Prime Minister Theresa May and ex-US President Bill Clinton to meet over Northern Ireland talks impasse
Prime Minister Theresa May and ex-US president Bill Clinton are to meet to discuss the Northern Ireland political impasse.
A Downing Street spokesman said the two would meet on Thursday in Number 10.
It comes after Mr Clinton visited Northern Ireland on Tuesday. He met separately with Arlene Foster and Michelle O'Neill for private meetings.
The Prime Minister's official spokesman said: "He and the PM wanted to take this opportunity to discuss Northern Ireland and also the ongoing partnership between the Government and the Clinton Health Access Initiative's work to lower the cost of HIV/Aids treatment worldwide."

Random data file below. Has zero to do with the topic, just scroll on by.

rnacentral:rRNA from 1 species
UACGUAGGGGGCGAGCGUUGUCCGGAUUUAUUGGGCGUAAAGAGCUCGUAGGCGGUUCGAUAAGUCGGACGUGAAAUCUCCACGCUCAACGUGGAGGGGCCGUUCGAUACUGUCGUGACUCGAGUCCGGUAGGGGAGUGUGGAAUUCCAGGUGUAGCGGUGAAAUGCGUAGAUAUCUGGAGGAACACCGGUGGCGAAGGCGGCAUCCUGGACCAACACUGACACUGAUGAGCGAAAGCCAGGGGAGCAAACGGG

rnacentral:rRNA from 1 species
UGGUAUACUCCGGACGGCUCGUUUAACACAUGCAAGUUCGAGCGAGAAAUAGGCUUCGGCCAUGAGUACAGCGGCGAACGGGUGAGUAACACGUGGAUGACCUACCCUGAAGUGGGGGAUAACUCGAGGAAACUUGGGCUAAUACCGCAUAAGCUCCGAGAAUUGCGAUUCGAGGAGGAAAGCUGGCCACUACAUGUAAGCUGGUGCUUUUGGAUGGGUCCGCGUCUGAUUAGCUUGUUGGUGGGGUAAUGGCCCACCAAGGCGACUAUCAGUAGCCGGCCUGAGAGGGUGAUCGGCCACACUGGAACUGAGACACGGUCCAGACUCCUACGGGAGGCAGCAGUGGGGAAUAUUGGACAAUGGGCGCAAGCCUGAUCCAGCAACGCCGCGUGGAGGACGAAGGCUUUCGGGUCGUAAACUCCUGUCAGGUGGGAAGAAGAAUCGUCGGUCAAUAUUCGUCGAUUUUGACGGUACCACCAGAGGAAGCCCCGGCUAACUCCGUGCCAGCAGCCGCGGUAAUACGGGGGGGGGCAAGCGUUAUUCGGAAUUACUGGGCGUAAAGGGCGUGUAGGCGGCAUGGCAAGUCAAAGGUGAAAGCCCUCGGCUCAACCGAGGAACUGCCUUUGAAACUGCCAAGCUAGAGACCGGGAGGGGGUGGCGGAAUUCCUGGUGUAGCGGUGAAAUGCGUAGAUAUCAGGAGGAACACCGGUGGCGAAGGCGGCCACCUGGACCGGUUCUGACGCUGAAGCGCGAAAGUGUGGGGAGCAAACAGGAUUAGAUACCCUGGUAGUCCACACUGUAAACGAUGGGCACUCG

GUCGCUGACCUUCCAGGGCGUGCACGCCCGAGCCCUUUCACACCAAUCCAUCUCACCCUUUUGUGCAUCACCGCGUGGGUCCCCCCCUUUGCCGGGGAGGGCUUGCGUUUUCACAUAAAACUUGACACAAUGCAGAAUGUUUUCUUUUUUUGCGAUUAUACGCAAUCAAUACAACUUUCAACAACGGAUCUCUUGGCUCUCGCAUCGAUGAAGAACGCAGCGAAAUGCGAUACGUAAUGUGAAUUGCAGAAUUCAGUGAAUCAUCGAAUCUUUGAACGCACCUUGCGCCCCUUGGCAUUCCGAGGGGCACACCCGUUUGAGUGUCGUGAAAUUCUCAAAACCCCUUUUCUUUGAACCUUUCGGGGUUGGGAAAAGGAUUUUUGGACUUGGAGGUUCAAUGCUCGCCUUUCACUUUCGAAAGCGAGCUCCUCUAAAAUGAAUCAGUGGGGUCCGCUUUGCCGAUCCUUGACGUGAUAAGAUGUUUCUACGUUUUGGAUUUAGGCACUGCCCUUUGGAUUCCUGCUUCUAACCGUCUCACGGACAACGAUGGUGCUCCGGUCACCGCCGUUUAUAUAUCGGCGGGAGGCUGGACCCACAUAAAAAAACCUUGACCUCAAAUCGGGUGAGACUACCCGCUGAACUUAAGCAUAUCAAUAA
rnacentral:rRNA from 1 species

Earlier, Sinn Fein said the current talks process "had some way to go" but the end of the road was near after Secretary of State James Brokenshire said he will legislate for a budget from Westminster at the end of the month if there is no deal.
On Monday night the DUP leader said: "Northern Ireland needs government and if that cannot be achieved at Stormont then Westminster will be required to provide it.”
Addressing DUP members and supporters in Co Tyrone Mrs Foster added she was "determined to try to achieve an agreement that can be supported by unionists and nationalists".
She said: "While solid progress has been made in some areas differences do remain and hurdles have yet to be overcome."
- Sinn Fein's O'Neill denies she was overruled on deal with DUP and says Brokenshire budget plan unhelpful
- Deal or no deal: Brokenshire sets deadline for Northern Ireland political talks
- Clinton hopeful of progress as he meets with party leaders
Belfast Telegraph Digital